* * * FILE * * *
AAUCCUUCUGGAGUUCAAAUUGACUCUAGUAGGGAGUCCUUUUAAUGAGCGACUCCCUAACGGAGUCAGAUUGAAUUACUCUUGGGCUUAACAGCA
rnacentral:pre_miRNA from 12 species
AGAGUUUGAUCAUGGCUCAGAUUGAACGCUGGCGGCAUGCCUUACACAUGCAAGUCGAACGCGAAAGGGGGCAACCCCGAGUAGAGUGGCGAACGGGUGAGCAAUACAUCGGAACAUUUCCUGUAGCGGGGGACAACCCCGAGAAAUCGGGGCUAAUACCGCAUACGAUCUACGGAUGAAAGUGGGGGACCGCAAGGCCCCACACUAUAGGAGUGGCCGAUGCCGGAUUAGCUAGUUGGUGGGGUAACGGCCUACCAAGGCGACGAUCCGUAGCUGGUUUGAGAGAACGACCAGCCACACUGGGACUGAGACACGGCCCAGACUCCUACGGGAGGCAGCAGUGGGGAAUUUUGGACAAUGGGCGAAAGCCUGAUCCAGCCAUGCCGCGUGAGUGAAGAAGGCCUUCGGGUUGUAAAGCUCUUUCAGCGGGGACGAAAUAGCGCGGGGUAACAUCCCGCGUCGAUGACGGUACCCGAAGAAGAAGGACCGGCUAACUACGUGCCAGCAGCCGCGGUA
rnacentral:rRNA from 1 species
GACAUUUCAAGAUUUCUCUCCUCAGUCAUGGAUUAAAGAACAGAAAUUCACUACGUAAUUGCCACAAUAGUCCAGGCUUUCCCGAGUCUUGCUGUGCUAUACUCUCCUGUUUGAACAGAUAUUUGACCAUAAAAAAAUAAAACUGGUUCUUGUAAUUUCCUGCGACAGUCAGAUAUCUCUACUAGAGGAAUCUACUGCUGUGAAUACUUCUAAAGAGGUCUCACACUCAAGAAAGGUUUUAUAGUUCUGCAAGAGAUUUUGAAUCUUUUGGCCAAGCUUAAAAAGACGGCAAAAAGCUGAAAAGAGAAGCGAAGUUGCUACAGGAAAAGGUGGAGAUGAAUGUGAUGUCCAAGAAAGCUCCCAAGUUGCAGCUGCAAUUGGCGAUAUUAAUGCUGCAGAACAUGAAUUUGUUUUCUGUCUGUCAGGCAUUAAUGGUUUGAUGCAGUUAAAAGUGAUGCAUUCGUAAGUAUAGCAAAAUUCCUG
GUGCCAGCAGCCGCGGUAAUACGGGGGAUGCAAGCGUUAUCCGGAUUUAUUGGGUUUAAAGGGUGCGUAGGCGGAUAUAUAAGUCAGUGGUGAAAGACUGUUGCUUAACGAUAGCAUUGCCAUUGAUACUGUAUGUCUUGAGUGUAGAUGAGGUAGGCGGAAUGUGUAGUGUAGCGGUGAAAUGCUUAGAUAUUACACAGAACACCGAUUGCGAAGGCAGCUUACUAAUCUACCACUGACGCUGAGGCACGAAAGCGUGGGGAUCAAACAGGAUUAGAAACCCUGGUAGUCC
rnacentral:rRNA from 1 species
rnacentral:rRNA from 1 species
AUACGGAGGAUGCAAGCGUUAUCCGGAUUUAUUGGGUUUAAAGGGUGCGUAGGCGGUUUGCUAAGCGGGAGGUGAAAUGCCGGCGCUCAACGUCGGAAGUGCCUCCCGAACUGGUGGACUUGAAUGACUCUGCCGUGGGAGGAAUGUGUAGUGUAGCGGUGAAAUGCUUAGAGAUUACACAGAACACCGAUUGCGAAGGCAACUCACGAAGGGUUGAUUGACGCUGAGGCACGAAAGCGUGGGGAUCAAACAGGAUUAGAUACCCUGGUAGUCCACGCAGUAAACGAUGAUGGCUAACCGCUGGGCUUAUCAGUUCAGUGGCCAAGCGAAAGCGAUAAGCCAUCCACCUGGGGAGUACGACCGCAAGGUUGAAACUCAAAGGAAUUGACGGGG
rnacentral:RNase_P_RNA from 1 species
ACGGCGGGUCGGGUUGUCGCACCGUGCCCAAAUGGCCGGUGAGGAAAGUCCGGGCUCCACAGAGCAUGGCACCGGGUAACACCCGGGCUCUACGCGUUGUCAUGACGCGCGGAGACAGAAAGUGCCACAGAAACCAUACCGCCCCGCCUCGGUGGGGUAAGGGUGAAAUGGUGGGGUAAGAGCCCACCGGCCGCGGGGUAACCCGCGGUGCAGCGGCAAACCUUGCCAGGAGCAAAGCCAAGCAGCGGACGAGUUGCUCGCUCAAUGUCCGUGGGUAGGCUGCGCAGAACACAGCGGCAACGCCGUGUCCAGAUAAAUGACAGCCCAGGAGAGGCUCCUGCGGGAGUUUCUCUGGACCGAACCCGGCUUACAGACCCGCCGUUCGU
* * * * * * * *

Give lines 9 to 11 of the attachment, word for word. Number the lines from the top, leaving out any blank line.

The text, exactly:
AUACGGAGGAUGCAAGCGUUAUCCGGAUUUAUUGGGUUUAAAGGGUGCGUAGGCGGUUUGCUAAGCGGGAGGUGAAAUGCCGGCGCUCAACGUCGGAAGUGCCUCCCGAACUGGUGGACUUGAAUGACUCUGCCGUGGGAGGAAUGUGUAGUGUAGCGGUGAAAUGCUUAGAGAUUACACAGAACACCGAUUGCGAAGGCAACUCACGAAGGGUUGAUUGACGCUGAGGCACGAAAGCGUGGGGAUCAAACAGGAUUAGAUACCCUGGUAGUCCACGCAGUAAACGAUGAUGGCUAACCGCUGGGCUUAUCAGUUCAGUGGCCAAGCGAAAGCGAUAAGCCAUCCACCUGGGGAGUACGACCGCAAGGUUGAAACUCAAAGGAAUUGACGGGG
rnacentral:RNase_P_RNA from 1 species
ACGGCGGGUCGGGUUGUCGCACCGUGCCCAAAUGGCCGGUGAGGAAAGUCCGGGCUCCACAGAGCAUGGCACCGGGUAACACCCGGGCUCUACGCGUUGUCAUGACGCGCGGAGACAGAAAGUGCCACAGAAACCAUACCGCCCCGCCUCGGUGGGGUAAGGGUGAAAUGGUGGGGUAAGAGCCCACCGGCCGCGGGGUAACCCGCGGUGCAGCGGCAAACCUUGCCAGGAGCAAAGCCAAGCAGCGGACGAGUUGCUCGCUCAAUGUCCGUGGGUAGGCUGCGCAGAACACAGCGGCAACGCCGUGUCCAGAUAAAUGACAGCCCAGGAGAGGCUCCUGCGGGAGUUUCUCUGGACCGAACCCGGCUUACAGACCCGCCGUUCGU